Programming Concept in Grid World

I don't understand what this specific section of code is doing, it

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6 Replies - 1325 Views - Last Post: 14 April 2009 - 08:51 AM Rate Topic: -----

#1 mykohlx43  Icon User is offline

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Programming Concept in Grid World

Posted 18 March 2009 - 02:39 PM

I have been doing grid world recently in my comp science class and there is this one thing i don't understand. it is right where i put here and the arrow. it has Grid<Actor> grid; what is the <> doing in this situation


package info.gridworld.actor;

import info.gridworld.grid.Grid;
import info.gridworld.grid.Location;
import java.awt.Color;


public class Actor
{
	private Grid<Actor> grid; ////// HHHEEERRREEE!!!!   <----------------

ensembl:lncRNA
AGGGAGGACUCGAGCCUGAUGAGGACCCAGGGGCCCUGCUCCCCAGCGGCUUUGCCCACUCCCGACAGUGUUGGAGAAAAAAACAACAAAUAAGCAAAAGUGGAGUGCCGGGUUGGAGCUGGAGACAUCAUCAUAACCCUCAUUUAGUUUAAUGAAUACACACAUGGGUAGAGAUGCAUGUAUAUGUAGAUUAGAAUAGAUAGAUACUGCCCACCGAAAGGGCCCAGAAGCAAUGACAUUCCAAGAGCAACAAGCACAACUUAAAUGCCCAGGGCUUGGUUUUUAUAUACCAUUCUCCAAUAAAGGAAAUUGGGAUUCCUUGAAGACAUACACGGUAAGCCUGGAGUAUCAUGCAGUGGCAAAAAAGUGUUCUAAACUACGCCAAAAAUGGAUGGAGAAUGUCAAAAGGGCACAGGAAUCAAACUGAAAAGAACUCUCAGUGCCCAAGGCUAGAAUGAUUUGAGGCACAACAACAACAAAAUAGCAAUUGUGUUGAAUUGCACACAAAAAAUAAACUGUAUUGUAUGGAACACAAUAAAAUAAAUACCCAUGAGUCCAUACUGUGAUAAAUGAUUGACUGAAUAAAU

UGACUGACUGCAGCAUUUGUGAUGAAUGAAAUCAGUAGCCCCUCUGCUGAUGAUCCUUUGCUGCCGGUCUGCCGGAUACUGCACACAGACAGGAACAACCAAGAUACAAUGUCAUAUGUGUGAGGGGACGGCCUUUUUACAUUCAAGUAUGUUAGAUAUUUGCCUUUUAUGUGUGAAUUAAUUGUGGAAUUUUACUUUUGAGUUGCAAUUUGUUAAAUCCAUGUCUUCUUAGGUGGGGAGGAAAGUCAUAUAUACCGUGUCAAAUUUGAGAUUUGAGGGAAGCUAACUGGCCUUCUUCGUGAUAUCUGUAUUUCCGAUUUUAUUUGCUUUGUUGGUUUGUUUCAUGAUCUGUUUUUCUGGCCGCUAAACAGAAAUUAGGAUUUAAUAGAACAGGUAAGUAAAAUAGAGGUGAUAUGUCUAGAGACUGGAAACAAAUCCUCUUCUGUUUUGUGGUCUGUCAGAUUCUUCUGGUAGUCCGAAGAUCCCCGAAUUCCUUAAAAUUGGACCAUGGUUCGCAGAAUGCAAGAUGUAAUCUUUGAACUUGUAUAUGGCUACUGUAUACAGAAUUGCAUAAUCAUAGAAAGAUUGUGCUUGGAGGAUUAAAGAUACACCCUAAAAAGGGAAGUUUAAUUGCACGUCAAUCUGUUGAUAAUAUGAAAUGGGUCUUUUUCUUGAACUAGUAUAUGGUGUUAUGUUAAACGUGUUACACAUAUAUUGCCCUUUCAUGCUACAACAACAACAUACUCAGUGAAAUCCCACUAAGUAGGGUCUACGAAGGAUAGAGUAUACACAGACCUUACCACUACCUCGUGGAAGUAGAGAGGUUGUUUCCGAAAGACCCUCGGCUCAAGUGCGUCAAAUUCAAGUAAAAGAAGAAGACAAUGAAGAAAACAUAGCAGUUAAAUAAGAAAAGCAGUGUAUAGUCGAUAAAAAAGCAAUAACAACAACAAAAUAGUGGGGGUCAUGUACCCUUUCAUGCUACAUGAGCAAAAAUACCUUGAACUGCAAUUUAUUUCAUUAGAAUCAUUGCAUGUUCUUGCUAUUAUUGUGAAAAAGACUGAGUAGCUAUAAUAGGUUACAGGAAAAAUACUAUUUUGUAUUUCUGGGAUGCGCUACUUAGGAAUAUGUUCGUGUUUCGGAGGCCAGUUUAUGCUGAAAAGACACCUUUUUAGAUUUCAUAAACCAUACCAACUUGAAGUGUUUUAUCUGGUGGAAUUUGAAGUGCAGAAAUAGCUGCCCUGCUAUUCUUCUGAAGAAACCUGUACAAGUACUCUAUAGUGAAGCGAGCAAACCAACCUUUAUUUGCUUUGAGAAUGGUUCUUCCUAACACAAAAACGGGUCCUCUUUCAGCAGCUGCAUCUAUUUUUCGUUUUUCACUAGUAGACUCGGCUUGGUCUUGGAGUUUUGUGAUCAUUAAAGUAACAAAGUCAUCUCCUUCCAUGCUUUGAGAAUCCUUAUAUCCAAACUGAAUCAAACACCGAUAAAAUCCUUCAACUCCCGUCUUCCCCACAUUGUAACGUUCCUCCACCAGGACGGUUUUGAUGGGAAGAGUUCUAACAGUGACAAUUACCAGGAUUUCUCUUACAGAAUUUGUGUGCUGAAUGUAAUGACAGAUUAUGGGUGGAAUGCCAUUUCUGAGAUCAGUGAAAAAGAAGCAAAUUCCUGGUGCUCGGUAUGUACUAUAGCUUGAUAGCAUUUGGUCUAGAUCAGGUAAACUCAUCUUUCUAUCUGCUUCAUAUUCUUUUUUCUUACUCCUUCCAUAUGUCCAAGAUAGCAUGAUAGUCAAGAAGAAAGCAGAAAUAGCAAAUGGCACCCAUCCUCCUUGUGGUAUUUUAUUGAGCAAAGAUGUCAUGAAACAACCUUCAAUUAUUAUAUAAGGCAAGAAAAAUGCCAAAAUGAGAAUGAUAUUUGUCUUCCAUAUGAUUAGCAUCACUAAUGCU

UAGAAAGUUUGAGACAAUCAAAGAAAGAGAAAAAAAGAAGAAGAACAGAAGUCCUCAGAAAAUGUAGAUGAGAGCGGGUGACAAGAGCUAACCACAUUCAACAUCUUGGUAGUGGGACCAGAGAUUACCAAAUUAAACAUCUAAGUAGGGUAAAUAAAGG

private Location location;
	private int direction;
	private Color color;

	public Actor()
	{
		color = Color.BLUE;
		direction = Location.NORTH;
		grid = null;
		location = null;
	}

	public Color getColor()
	{
		return color;
	}

	public void setColor(Color newColor)
	{
		color = newColor;
	}

	public int getDirection()
	{
		return direction;
	}

	public void setDirection(int newDirection)
	{
		direction = newDirection % Location.FULL_CIRCLE;
		if (direction < 0)
			direction += Location.FULL_CIRCLE;
	}

	public Grid<Actor> getGrid()
	{
		return grid;
	}


	public Location getLocation()
	{
		return location;
	}

	public void putSelfInGrid(Grid<Actor> gr, Location loc)
	{
		if (grid != null)
			throw new IllegalStateException(
					"This actor is already contained in a grid.");

		Actor actor = gr.get(loc);
		if (actor != null)
			actor.removeSelfFromGrid();
		gr.put(loc, this);